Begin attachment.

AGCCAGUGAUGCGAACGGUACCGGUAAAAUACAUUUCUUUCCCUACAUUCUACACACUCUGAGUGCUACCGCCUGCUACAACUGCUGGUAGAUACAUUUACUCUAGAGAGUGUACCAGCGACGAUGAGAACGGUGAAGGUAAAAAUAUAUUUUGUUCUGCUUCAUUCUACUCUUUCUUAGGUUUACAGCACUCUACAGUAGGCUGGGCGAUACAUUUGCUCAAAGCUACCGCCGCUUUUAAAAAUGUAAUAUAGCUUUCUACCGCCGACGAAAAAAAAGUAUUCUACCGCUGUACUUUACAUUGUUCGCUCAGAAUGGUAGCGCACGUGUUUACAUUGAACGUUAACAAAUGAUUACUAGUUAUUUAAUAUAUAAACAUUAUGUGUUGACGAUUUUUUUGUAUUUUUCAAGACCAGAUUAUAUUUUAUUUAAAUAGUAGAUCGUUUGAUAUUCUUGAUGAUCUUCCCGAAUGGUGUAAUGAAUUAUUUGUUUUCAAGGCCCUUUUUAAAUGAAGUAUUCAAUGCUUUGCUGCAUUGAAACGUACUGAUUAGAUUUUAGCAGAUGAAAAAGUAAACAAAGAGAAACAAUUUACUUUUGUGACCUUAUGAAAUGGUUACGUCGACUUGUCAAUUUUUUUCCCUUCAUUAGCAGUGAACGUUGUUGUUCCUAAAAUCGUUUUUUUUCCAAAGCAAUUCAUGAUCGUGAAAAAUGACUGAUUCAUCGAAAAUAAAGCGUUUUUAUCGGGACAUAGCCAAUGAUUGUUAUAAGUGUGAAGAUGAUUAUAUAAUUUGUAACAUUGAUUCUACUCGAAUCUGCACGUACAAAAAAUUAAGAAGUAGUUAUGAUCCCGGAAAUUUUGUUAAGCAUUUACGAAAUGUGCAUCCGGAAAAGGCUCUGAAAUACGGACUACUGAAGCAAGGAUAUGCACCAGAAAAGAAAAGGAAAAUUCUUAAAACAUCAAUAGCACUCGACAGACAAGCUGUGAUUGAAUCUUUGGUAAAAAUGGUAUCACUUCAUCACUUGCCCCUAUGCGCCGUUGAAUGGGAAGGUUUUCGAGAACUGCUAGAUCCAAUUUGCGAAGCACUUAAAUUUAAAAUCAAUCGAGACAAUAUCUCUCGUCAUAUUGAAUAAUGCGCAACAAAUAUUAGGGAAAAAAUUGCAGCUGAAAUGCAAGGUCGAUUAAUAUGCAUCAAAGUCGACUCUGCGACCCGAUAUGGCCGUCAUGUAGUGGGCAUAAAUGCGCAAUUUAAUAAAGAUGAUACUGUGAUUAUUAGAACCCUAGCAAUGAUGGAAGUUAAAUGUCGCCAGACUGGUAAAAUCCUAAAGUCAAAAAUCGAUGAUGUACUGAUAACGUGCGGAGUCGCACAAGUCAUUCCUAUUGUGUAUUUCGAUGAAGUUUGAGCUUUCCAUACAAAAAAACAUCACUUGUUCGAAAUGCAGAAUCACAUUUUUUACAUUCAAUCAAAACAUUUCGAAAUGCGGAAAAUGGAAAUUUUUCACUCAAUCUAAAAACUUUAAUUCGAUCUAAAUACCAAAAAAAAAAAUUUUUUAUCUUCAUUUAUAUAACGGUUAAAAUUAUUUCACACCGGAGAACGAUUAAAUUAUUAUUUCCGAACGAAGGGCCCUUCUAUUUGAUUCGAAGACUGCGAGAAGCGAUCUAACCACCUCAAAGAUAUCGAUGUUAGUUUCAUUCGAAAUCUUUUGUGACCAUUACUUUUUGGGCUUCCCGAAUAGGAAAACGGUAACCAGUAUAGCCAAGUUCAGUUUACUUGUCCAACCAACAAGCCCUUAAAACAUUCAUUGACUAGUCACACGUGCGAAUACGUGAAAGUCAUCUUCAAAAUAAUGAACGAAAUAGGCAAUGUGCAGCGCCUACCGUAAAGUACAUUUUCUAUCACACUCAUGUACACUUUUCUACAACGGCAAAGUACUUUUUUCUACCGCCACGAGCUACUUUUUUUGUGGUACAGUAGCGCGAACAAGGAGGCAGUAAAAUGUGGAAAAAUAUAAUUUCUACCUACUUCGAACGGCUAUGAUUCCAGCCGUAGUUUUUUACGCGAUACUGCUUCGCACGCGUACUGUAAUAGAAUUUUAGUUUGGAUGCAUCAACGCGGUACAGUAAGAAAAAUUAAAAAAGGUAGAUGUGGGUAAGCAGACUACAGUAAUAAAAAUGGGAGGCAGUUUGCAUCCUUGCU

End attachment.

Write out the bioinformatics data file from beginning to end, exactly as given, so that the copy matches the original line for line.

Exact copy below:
AGCCAGUGAUGCGAACGGUACCGGUAAAAUACAUUUCUUUCCCUACAUUCUACACACUCUGAGUGCUACCGCCUGCUACAACUGCUGGUAGAUACAUUUACUCUAGAGAGUGUACCAGCGACGAUGAGAACGGUGAAGGUAAAAAUAUAUUUUGUUCUGCUUCAUUCUACUCUUUCUUAGGUUUACAGCACUCUACAGUAGGCUGGGCGAUACAUUUGCUCAAAGCUACCGCCGCUUUUAAAAAUGUAAUAUAGCUUUCUACCGCCGACGAAAAAAAAGUAUUCUACCGCUGUACUUUACAUUGUUCGCUCAGAAUGGUAGCGCACGUGUUUACAUUGAACGUUAACAAAUGAUUACUAGUUAUUUAAUAUAUAAACAUUAUGUGUUGACGAUUUUUUUGUAUUUUUCAAGACCAGAUUAUAUUUUAUUUAAAUAGUAGAUCGUUUGAUAUUCUUGAUGAUCUUCCCGAAUGGUGUAAUGAAUUAUUUGUUUUCAAGGCCCUUUUUAAAUGAAGUAUUCAAUGCUUUGCUGCAUUGAAACGUACUGAUUAGAUUUUAGCAGAUGAAAAAGUAAACAAAGAGAAACAAUUUACUUUUGUGACCUUAUGAAAUGGUUACGUCGACUUGUCAAUUUUUUUCCCUUCAUUAGCAGUGAACGUUGUUGUUCCUAAAAUCGUUUUUUUUCCAAAGCAAUUCAUGAUCGUGAAAAAUGACUGAUUCAUCGAAAAUAAAGCGUUUUUAUCGGGACAUAGCCAAUGAUUGUUAUAAGUGUGAAGAUGAUUAUAUAAUUUGUAACAUUGAUUCUACUCGAAUCUGCACGUACAAAAAAUUAAGAAGUAGUUAUGAUCCCGGAAAUUUUGUUAAGCAUUUACGAAAUGUGCAUCCGGAAAAGGCUCUGAAAUACGGACUACUGAAGCAAGGAUAUGCACCAGAAAAGAAAAGGAAAAUUCUUAAAACAUCAAUAGCACUCGACAGACAAGCUGUGAUUGAAUCUUUGGUAAAAAUGGUAUCACUUCAUCACUUGCCCCUAUGCGCCGUUGAAUGGGAAGGUUUUCGAGAACUGCUAGAUCCAAUUUGCGAAGCACUUAAAUUUAAAAUCAAUCGAGACAAUAUCUCUCGUCAUAUUGAAUAAUGCGCAACAAAUAUUAGGGAAAAAAUUGCAGCUGAAAUGCAAGGUCGAUUAAUAUGCAUCAAAGUCGACUCUGCGACCCGAUAUGGCCGUCAUGUAGUGGGCAUAAAUGCGCAAUUUAAUAAAGAUGAUACUGUGAUUAUUAGAACCCUAGCAAUGAUGGAAGUUAAAUGUCGCCAGACUGGUAAAAUCCUAAAGUCAAAAAUCGAUGAUGUACUGAUAACGUGCGGAGUCGCACAAGUCAUUCCUAUUGUGUAUUUCGAUGAAGUUUGAGCUUUCCAUACAAAAAAACAUCACUUGUUCGAAAUGCAGAAUCACAUUUUUUACAUUCAAUCAAAACAUUUCGAAAUGCGGAAAAUGGAAAUUUUUCACUCAAUCUAAAAACUUUAAUUCGAUCUAAAUACCAAAAAAAAAAAUUUUUUAUCUUCAUUUAUAUAACGGUUAAAAUUAUUUCACACCGGAGAACGAUUAAAUUAUUAUUUCCGAACGAAGGGCCCUUCUAUUUGAUUCGAAGACUGCGAGAAGCGAUCUAACCACCUCAAAGAUAUCGAUGUUAGUUUCAUUCGAAAUCUUUUGUGACCAUUACUUUUUGGGCUUCCCGAAUAGGAAAACGGUAACCAGUAUAGCCAAGUUCAGUUUACUUGUCCAACCAACAAGCCCUUAAAACAUUCAUUGACUAGUCACACGUGCGAAUACGUGAAAGUCAUCUUCAAAAUAAUGAACGAAAUAGGCAAUGUGCAGCGCCUACCGUAAAGUACAUUUUCUAUCACACUCAUGUACACUUUUCUACAACGGCAAAGUACUUUUUUCUACCGCCACGAGCUACUUUUUUUGUGGUACAGUAGCGCGAACAAGGAGGCAGUAAAAUGUGGAAAAAUAUAAUUUCUACCUACUUCGAACGGCUAUGAUUCCAGCCGUAGUUUUUUACGCGAUACUGCUUCGCACGCGUACUGUAAUAGAAUUUUAGUUUGGAUGCAUCAACGCGGUACAGUAAGAAAAAUUAAAAAAGGUAGAUGUGGGUAAGCAGACUACAGUAAUAAAAAUGGGAGGCAGUUUGCAUCCUUGCU